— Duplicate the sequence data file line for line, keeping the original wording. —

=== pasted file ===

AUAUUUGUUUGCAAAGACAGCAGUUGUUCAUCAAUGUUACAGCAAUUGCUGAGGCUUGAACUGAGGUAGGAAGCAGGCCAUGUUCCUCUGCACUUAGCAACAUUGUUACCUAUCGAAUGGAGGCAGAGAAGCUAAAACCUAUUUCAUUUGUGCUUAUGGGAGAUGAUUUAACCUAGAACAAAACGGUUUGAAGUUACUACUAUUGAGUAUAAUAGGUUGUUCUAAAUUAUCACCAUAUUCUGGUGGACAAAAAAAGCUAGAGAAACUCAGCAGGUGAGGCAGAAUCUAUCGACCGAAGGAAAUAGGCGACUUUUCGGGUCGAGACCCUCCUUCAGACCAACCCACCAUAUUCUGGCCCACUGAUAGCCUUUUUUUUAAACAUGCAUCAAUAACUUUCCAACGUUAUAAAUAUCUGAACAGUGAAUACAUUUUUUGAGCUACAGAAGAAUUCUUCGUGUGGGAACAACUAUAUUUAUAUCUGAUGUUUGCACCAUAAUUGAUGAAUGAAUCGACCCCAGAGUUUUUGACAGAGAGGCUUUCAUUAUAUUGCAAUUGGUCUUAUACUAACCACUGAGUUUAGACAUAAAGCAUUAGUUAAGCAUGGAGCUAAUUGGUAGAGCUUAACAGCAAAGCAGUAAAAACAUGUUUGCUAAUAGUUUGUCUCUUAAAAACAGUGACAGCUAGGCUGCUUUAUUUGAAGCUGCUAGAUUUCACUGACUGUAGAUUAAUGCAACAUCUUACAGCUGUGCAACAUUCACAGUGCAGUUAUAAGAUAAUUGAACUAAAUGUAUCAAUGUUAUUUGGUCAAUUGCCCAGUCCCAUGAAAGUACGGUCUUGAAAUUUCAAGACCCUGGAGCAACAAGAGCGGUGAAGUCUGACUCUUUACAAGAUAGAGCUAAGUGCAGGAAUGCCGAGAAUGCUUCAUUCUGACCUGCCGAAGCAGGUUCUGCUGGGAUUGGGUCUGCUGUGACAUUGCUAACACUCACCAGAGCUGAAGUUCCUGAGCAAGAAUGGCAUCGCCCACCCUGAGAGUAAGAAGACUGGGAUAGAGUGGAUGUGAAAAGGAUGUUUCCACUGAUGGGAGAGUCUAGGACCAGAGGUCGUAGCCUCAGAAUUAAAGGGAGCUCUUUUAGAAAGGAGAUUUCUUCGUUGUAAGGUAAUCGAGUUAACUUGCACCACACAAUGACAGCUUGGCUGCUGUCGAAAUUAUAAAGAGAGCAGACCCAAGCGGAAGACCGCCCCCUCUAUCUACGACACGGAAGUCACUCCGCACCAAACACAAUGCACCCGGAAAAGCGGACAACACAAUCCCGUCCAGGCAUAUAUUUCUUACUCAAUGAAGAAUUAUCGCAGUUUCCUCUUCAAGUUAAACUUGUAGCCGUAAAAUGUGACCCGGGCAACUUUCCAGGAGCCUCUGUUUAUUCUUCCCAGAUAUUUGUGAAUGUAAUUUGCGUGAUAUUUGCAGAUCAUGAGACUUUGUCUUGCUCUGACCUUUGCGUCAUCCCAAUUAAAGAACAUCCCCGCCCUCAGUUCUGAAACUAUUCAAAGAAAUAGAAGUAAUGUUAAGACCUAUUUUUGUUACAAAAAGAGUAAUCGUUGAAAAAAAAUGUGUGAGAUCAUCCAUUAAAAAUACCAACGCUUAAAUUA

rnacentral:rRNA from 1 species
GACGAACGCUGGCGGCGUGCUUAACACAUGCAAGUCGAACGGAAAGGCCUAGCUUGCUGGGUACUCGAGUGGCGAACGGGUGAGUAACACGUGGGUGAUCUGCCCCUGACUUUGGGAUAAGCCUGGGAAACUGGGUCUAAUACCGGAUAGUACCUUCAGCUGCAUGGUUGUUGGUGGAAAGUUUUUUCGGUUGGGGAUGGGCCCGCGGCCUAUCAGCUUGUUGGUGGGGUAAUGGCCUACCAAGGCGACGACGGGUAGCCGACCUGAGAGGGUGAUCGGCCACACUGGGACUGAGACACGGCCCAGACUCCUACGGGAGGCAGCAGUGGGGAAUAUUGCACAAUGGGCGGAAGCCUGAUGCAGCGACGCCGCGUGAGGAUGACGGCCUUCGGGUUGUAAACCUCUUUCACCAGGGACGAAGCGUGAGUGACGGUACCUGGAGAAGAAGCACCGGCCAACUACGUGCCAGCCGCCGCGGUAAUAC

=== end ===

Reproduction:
AUAUUUGUUUGCAAAGACAGCAGUUGUUCAUCAAUGUUACAGCAAUUGCUGAGGCUUGAACUGAGGUAGGAAGCAGGCCAUGUUCCUCUGCACUUAGCAACAUUGUUACCUAUCGAAUGGAGGCAGAGAAGCUAAAACCUAUUUCAUUUGUGCUUAUGGGAGAUGAUUUAACCUAGAACAAAACGGUUUGAAGUUACUACUAUUGAGUAUAAUAGGUUGUUCUAAAUUAUCACCAUAUUCUGGUGGACAAAAAAAGCUAGAGAAACUCAGCAGGUGAGGCAGAAUCUAUCGACCGAAGGAAAUAGGCGACUUUUCGGGUCGAGACCCUCCUUCAGACCAACCCACCAUAUUCUGGCCCACUGAUAGCCUUUUUUUUAAACAUGCAUCAAUAACUUUCCAACGUUAUAAAUAUCUGAACAGUGAAUACAUUUUUUGAGCUACAGAAGAAUUCUUCGUGUGGGAACAACUAUAUUUAUAUCUGAUGUUUGCACCAUAAUUGAUGAAUGAAUCGACCCCAGAGUUUUUGACAGAGAGGCUUUCAUUAUAUUGCAAUUGGUCUUAUACUAACCACUGAGUUUAGACAUAAAGCAUUAGUUAAGCAUGGAGCUAAUUGGUAGAGCUUAACAGCAAAGCAGUAAAAACAUGUUUGCUAAUAGUUUGUCUCUUAAAAACAGUGACAGCUAGGCUGCUUUAUUUGAAGCUGCUAGAUUUCACUGACUGUAGAUUAAUGCAACAUCUUACAGCUGUGCAACAUUCACAGUGCAGUUAUAAGAUAAUUGAACUAAAUGUAUCAAUGUUAUUUGGUCAAUUGCCCAGUCCCAUGAAAGUACGGUCUUGAAAUUUCAAGACCCUGGAGCAACAAGAGCGGUGAAGUCUGACUCUUUACAAGAUAGAGCUAAGUGCAGGAAUGCCGAGAAUGCUUCAUUCUGACCUGCCGAAGCAGGUUCUGCUGGGAUUGGGUCUGCUGUGACAUUGCUAACACUCACCAGAGCUGAAGUUCCUGAGCAAGAAUGGCAUCGCCCACCCUGAGAGUAAGAAGACUGGGAUAGAGUGGAUGUGAAAAGGAUGUUUCCACUGAUGGGAGAGUCUAGGACCAGAGGUCGUAGCCUCAGAAUUAAAGGGAGCUCUUUUAGAAAGGAGAUUUCUUCGUUGUAAGGUAAUCGAGUUAACUUGCACCACACAAUGACAGCUUGGCUGCUGUCGAAAUUAUAAAGAGAGCAGACCCAAGCGGAAGACCGCCCCCUCUAUCUACGACACGGAAGUCACUCCGCACCAAACACAAUGCACCCGGAAAAGCGGACAACACAAUCCCGUCCAGGCAUAUAUUUCUUACUCAAUGAAGAAUUAUCGCAGUUUCCUCUUCAAGUUAAACUUGUAGCCGUAAAAUGUGACCCGGGCAACUUUCCAGGAGCCUCUGUUUAUUCUUCCCAGAUAUUUGUGAAUGUAAUUUGCGUGAUAUUUGCAGAUCAUGAGACUUUGUCUUGCUCUGACCUUUGCGUCAUCCCAAUUAAAGAACAUCCCCGCCCUCAGUUCUGAAACUAUUCAAAGAAAUAGAAGUAAUGUUAAGACCUAUUUUUGUUACAAAAAGAGUAAUCGUUGAAAAAAAAUGUGUGAGAUCAUCCAUUAAAAAUACCAACGCUUAAAUUA

rnacentral:rRNA from 1 species
GACGAACGCUGGCGGCGUGCUUAACACAUGCAAGUCGAACGGAAAGGCCUAGCUUGCUGGGUACUCGAGUGGCGAACGGGUGAGUAACACGUGGGUGAUCUGCCCCUGACUUUGGGAUAAGCCUGGGAAACUGGGUCUAAUACCGGAUAGUACCUUCAGCUGCAUGGUUGUUGGUGGAAAGUUUUUUCGGUUGGGGAUGGGCCCGCGGCCUAUCAGCUUGUUGGUGGGGUAAUGGCCUACCAAGGCGACGACGGGUAGCCGACCUGAGAGGGUGAUCGGCCACACUGGGACUGAGACACGGCCCAGACUCCUACGGGAGGCAGCAGUGGGGAAUAUUGCACAAUGGGCGGAAGCCUGAUGCAGCGACGCCGCGUGAGGAUGACGGCCUUCGGGUUGUAAACCUCUUUCACCAGGGACGAAGCGUGAGUGACGGUACCUGGAGAAGAAGCACCGGCCAACUACGUGCCAGCCGCCGCGGUAAUAC